On the Bravery of Women: The Ancient Amazon and Her Modern Counterparts

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by Jo Whalley
published on 05 January 2012

In a favourite mythological motif of the Greeks, the Amazons fought many of the most celebrated Greek heroes and lived in independent societies on the fringes of the known world. These warrior women appear throughout Greek literature and art of every kind, defined by characteristics which differentiated them from ‘ordinary’ women: heroic capability and skills in battle; an unusual lifestyle, marked out by traditions often the very opposite of those of the Greeks, including unique mothering customs; and a significant independence from men, including systems of gynaecocracy or the wholesale exclusion of men from their society. Yet despite their reputations as fierce and talented combatants, the Amazons were constantly bested by their male counterparts and either killed in battle or abducted for marriage. It seems that whenever they fought against the Greeks, they lost. In an interesting case of the adaptation of myth to the modern world, the archetypal features of the Amazon (as the Greeks imagined her) can also be found in a variety of television and film characters. Through an analysis of both the ancient and ‘modern’ Amazon, I show how this symbol benefits greatly from the vastly different social context of western society in the twentieth century which enables the Amazon to become an affirmative model of female heroism. The case-study approach adopted here examines instances of the ‘modern’ Amazon in Wonder Woman, Xena: Warrior Princess, Alien/Aliens, The Terminator/Terminator 2: Judgment Day and Kill Bill Volume 1 and 2 and notes that, while encompassing many of the same traits as their ancient predecessors, these Amazons are no longer constantly on the losing side of the battle. The successes of feminism and the changing expectations which accompany them transform the Amazon from the defeated warrior into the triumphant victor.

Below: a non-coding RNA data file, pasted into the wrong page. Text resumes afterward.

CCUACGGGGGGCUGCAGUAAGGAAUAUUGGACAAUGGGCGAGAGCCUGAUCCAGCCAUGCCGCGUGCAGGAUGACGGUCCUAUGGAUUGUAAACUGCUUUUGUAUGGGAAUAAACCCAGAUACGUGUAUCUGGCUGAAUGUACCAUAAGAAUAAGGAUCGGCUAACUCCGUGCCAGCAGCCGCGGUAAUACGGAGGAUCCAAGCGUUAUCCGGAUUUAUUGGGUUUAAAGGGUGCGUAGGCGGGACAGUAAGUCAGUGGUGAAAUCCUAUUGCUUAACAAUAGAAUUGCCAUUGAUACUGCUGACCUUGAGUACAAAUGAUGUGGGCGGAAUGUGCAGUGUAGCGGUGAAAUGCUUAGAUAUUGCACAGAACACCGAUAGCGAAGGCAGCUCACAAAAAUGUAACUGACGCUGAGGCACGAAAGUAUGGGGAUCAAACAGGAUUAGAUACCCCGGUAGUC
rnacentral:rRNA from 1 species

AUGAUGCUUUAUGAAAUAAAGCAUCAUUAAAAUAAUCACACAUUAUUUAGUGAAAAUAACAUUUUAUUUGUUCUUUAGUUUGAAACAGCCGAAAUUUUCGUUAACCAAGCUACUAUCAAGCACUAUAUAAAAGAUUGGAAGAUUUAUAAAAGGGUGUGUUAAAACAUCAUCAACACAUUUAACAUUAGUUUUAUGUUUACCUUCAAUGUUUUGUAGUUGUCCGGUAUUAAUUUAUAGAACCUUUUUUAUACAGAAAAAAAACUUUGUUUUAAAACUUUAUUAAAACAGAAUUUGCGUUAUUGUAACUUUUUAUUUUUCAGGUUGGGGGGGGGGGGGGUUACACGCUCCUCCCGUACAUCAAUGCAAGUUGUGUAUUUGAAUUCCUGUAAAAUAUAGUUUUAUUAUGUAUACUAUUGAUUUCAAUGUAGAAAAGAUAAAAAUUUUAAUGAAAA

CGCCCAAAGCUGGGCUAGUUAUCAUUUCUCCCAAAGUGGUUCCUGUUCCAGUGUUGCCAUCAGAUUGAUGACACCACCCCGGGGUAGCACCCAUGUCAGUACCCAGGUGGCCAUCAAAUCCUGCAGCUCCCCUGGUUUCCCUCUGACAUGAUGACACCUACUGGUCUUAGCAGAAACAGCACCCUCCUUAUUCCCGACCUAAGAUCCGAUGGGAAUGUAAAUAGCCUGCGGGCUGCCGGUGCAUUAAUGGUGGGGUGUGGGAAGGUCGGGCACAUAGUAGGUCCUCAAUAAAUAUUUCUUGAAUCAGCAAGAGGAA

Written by , linked by Jan van der Crabben, published 05 January 2012. Source URL: http://researcharchive.vuw.ac.nz/bitstream/handle/10063/1696/thesis.pdf?sequence=1.

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